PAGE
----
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Looking Back at Green Day’s '21st Century Breakdown'

by Eric Allen 4 years ago in album reviews

Breaking down Green Day’s second concept album.

(© 2009 Reprise Records)

Green Day’s 21st Century Breakdown, the band’s follow-up to the epochal American Idiot, was one of 2009’s most eagerly awaited albums and it more than lived up to all of the anticipation. On Green Day’s eighth studio album, the band returned in peak form with the hits “Know Your Enemy,” “21 Guns,” “East Jesus Nowhere,” “Last of the American Girls,” plus the tempo-changing title track. Many had speculated whether or not the band could recapture the success of their previous Grammy Award-winning opus, but all of those fears were quickly put to rest with their second three-part punk rock opera. 21st Century Breakdown delivered an abundance of material for listeners to sink their teeth into, as the disc clocked in at just under 70 minutes. In hindsight, 21st Century Breakdownwas every bit as good as American Idiot, if not better.

21st Century Breakdown was the first (and only to date) to be co-produced by Green Day and Butch Vig (renowned for his work with Garbage, Smashing Pumpkins and Nirvana), instead of their longtime producer Rob Cavallo, who co-produced the band’s previous biggest hits including: “Longview” and “Good Riddance (Time of Your Life).” Despite the change in producers, the sound remained true to their usual punk-pop sound (yes, I can hear Billie Joe cringing at the despised term in my head as I type this) with plenty of angst and attitude.

Once again, Breakdown found Green Day returning to the conceptual story format, which was set in Detroit, Michigan and followed two main characters named Christian and Gloria throughout their struggles in the post-Bush era. Throughout their journey, they try to stay together in spite of the tumultuous times they live in, as they find themselves trying to endure violence, economic hardship and city riots. Moreover, Green Day had chosen to draw from the then current state of events and incorporated them into the lyrics, which were told from the main characters’ points of view.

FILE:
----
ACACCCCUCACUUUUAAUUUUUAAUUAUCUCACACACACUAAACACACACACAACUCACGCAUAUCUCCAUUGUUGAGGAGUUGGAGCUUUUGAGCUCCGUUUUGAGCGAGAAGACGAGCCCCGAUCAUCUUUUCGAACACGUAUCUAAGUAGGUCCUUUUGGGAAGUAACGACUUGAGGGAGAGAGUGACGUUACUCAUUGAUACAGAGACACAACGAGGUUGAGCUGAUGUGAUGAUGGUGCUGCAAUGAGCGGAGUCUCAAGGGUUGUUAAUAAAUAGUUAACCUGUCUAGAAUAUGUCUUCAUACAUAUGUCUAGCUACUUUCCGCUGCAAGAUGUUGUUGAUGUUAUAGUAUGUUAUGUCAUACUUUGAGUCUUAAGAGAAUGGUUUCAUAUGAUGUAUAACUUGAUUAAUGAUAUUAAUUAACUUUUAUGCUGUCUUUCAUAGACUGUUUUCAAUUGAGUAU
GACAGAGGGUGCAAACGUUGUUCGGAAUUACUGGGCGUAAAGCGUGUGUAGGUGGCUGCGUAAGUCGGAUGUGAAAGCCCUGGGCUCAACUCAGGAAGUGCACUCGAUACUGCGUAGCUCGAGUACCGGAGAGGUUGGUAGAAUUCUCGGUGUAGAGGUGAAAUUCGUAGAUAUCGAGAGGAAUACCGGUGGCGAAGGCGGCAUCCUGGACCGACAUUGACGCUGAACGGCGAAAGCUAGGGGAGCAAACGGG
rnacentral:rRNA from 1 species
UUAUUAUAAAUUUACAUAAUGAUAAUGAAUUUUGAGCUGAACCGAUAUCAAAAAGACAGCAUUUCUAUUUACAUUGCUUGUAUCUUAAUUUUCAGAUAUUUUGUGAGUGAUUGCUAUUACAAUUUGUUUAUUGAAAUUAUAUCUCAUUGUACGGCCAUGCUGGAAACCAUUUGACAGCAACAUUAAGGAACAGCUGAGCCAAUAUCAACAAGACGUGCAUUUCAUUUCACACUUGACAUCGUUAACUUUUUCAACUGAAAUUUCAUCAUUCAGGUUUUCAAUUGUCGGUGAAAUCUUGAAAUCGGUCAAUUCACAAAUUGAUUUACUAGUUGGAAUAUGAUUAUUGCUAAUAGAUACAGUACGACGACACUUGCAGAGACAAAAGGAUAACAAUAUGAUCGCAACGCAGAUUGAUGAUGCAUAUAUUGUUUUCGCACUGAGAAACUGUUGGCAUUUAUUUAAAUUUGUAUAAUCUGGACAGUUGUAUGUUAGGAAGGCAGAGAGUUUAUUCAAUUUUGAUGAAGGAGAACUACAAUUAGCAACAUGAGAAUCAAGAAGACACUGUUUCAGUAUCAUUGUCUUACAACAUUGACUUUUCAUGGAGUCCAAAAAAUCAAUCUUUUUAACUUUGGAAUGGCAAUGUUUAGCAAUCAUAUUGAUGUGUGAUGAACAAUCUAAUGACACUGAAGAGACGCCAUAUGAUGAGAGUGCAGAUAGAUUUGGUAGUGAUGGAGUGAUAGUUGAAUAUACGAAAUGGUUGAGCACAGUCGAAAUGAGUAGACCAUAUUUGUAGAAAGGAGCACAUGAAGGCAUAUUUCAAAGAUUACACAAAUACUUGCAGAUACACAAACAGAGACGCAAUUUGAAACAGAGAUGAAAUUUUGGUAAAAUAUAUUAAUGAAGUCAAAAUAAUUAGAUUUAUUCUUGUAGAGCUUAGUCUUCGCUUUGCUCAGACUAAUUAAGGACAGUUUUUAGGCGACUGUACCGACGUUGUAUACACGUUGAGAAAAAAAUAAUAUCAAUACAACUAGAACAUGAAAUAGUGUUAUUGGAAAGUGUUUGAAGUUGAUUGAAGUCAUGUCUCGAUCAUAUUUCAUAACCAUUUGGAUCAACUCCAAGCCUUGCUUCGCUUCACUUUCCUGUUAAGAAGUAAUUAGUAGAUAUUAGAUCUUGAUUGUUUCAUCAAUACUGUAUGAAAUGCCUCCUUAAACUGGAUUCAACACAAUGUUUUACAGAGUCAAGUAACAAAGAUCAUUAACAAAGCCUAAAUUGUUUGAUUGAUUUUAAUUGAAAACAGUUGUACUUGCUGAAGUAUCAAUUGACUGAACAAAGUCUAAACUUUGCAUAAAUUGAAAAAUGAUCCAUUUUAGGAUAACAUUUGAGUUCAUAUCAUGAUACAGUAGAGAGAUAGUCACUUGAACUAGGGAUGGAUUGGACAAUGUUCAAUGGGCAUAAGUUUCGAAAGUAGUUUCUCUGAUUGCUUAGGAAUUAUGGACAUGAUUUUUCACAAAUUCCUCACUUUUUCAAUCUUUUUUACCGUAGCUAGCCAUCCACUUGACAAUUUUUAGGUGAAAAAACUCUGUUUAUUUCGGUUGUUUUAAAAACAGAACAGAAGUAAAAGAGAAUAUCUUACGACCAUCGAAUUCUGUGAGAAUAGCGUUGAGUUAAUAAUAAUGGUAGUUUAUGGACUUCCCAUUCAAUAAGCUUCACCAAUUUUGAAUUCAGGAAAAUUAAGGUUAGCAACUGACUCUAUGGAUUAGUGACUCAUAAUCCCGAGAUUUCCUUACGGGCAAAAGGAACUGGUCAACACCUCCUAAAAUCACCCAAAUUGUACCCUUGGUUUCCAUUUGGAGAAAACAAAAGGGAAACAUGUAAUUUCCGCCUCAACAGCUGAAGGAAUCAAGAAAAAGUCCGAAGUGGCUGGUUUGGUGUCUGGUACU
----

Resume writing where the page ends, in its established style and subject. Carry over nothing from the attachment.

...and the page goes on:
Previously, band member and bassist Mike Dirnt had likened the album’s narrative of its two protagonists, Christian and Gloria, to Bruce Springsteen's Born to Run, however, Breakdown's lyrics concentrated on two main themes: the quest for vengeance and feelings of abandonment, which were said to have been inspired by Armstrong's personal feelings of confronting his own mortal coil.

Unlike American Idiot, 21st Century Breakdown was divided up into three separate acts (Act I: Heroes and Cons, Act II: Charlatans and Saints and Act III: Horseshoes and Handgrenades), which gave the album a very distinct beginning, middle and end. This made for a more diversified album that provided the listener with the feeling of immersion within a complete story, as well as trekking alongside the narrative’s characters. Familiar musical themes were repeated throughout, which had been designated to each of the characters, much in the same way John Williams did with his score in Star Wars. The album’s lyrics provided vivid images that allowed the listener to visualize the action as it unfolded within each of the set’s 18 songs.

Writing for 21st Century Breakdown commenced at the beginning of 2006 upon completion of the band’s extensive supporting tour of American Idiot. Green Day remained quiet until fall of 2007, when Billie Joe Armstrong revealed to Rolling Stone that he had composed an approximation of 45 songs for the upcoming album, which was finally released in May of 2009 and in the end included a total of 18 tracks.

With its ebb and flow balanced with up tempo tracks and melodic ballads, 21st Century Breakdown was another powerful and consistent offering that may very well be remembered as Green Day’s ultimate masterpiece to date. At the very least, Breakdown leaves us wondering if Billie Joe and company will again tackle anything as conceptually ambitious and momentous in the band’s future. So far, all subsequent releases have all but abandoned the punk rock opera format.

album reviews

Eric Allen

I'm a music journalist, blogger and crate digger. I began writing about music during college and again as a freelancer. Links to my published pieces can be found on my music blog at: and/or follow me on Twitter:@popmartzoo

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